How to use Static and Dynamic Scope – JavaScript

We can define the scope of a variable by scope defining keywords and lexical structures that define static and dynamic scope of variables in JavaScript.

We are mostly familiar with two types of scope, i.e. static and dynamic, where we presume that most variable have a static scope. However, there is another less popular scope type, the runtime augmented variable. Let us go throw importance these different scopes have in JavaScript.

Static scope

Static scope has lexical scoping. It is useful in modern programming languages and helps assign a scope to a range of functions or variables. All variables within the particular block, have their scope only within the block we declare them. The concept of closures (brackets) is used in static scopes.

Variables declared with static scopes are also called private variables. A variable’s lexical (static) scope gets defined when it is created. Its scope is determined by the lexical structure (use of brackets) in the code. Variables declared within a specific block of code, inside closure brackets are accessible only within that space.

In lexical (static) scopes the innermost and outermost functions can access all variables from the parent scopes. For example, a variable inside a function has multiple if else loops with curly braces and a lexical structure. We can access it within all these loops. As we declared it in the parent loop. However, a child variable is lexically bound to the parent function. As a variable declared inside a function cannot be accessed by the surrounding function. Unless we pass it as a parameter along with a function call, that too within the specific function’s scope. JavaScript and many other modern programming languages like R, Haskell, ML, and Dart offer lexical (static) scopes.

Let’s go through an example of lexical (static) scoping in JavaScript.

var x = 20
var func = function (){
var y = 40;
    console.log("x and y is accessible (outside function):", x, y);
    var insideFunc= function (){
        var z = 60;
        console.log("x and y and z is accessible (inside):", x, y, z);
console.log("only x is accessible (global):", x); // as it is declared outside all functions (not bound to function scope)

In the code above, x is a variable which can be accessed by all function scopes since has a global scope. However, variable y is of local scope for the function assigned to the variable func and it cannot be accessible outside that function. The inner functions are lexically bound by the outer functions, and can access both variables y and z.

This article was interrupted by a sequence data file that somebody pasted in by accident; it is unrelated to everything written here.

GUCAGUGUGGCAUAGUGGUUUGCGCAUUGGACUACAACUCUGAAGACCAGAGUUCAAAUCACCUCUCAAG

Dynamic Scope

Dynamic Scoping is the runtime state of the program stack that will determine what variable you are referring to. It is the opposite approach to static scoping. It will access variables that can be called from outside the block of code in which they are defined. These are sometimes referred as public variables.

Dynamic scoping takes the latest value assigned to a variable. So, whenever a new function gets executed, a new scope gets pushed onto the stack. It works as a global identifier.

Dynamic scopes are not common in modern languages. However, dynamically scoped languages also exist, for example original versions of Bash, Lisp, Perl and Latex.

function x() { 

function y() {
    var i = 1;

var i = 0;


The code above shows two functions, x and yHere x logs out the value of i which is globally set to 0. While y sets its value to 1, and makes a call to x. If we call y, it consoles 0. This is because — while x doesn’t have a variable called i — x has access to the enclosing scope where the function is defined. And in the global scope, we have an i which is set to 0. This is static scoping.

In dynamic scoping, the value of i will be 1. This is because instead of checking the place where the function is defined, it looks for where it is called from. It checks from the call stack that it has been called from y, which then sets the value of i to be 1.

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